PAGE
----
Introduction to Human Communication
Introduction to Human Communication HCOM 100
Cal State Fullerton
Popular in Course
verified elite notetaker
Popular in Human Communication Studies
verified elite notetaker
verified elite notetaker
verified elite notetaker
verified elite notetaker
verified elite notetaker
verified elite notetaker
This 45 page Class Notes was uploaded by Adan Orn on Wednesday September 30, 2015. The Class Notes belongs to HCOM 100 at California State University - Fullerton taught by Staff in Fall. Since its upload, it has received 27 views. For similar materials see /class/217043/hcom-100-california-state-university-fullerton in Human Communication Studies at California State University - Fullerton.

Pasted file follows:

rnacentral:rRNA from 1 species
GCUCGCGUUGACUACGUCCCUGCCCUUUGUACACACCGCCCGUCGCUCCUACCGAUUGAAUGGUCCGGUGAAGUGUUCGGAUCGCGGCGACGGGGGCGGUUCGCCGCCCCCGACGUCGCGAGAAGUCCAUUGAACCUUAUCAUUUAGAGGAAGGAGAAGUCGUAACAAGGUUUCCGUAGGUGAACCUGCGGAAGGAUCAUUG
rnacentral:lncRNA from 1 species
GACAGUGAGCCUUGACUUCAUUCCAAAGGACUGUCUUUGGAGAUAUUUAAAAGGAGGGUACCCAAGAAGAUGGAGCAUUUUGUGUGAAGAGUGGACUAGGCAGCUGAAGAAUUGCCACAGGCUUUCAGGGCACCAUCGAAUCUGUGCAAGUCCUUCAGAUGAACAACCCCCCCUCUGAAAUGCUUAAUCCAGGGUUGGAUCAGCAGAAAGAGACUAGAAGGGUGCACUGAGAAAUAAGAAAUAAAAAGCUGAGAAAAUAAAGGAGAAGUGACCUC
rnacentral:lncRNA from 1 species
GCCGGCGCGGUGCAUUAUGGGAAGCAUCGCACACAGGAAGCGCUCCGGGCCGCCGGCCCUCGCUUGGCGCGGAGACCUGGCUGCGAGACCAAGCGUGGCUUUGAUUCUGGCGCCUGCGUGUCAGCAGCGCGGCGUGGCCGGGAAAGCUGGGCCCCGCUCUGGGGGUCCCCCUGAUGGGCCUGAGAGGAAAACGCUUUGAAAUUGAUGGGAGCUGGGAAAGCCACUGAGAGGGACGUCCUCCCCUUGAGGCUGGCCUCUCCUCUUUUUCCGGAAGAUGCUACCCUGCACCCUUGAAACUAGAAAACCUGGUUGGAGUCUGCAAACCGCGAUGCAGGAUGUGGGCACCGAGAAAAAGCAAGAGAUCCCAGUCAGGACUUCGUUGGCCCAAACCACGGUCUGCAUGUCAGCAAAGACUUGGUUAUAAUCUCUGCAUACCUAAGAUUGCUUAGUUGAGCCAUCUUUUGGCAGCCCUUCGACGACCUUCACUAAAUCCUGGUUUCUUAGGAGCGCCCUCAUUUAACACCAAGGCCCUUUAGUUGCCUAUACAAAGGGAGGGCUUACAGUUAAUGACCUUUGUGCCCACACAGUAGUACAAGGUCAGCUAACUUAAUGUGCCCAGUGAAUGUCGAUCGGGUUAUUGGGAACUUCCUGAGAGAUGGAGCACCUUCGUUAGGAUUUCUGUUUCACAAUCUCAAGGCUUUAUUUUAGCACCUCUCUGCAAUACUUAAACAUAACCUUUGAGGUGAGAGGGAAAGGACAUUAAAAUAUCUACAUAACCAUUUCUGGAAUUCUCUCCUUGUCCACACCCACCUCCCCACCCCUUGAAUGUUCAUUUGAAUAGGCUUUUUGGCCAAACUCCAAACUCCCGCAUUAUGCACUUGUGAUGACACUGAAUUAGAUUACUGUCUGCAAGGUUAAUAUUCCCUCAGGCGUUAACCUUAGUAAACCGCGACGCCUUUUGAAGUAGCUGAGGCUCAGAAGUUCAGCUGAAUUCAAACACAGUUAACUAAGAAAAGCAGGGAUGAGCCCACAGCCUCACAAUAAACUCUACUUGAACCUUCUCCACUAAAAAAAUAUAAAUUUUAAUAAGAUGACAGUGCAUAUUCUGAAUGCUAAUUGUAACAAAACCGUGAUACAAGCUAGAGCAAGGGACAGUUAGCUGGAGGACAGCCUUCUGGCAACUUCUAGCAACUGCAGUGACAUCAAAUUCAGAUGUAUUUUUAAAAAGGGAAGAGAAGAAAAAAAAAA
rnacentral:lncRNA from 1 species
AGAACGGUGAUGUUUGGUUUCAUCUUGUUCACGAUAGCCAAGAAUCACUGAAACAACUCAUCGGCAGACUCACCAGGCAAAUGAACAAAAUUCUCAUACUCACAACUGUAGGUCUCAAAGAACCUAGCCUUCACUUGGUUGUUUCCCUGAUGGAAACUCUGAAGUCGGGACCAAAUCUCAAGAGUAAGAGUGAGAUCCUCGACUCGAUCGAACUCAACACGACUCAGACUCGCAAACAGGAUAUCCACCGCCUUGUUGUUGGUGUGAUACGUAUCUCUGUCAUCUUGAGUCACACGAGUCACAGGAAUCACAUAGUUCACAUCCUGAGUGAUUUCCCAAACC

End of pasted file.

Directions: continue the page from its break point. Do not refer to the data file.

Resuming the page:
Reviews for Introduction to Human Communication
Report this Material
What is Karma?
Karma is the currency of StudySoup.
You can buy or earn more Karma at anytime and redeem it for class notes, study guides, flashcards, and more!
Date Created: 09/30/15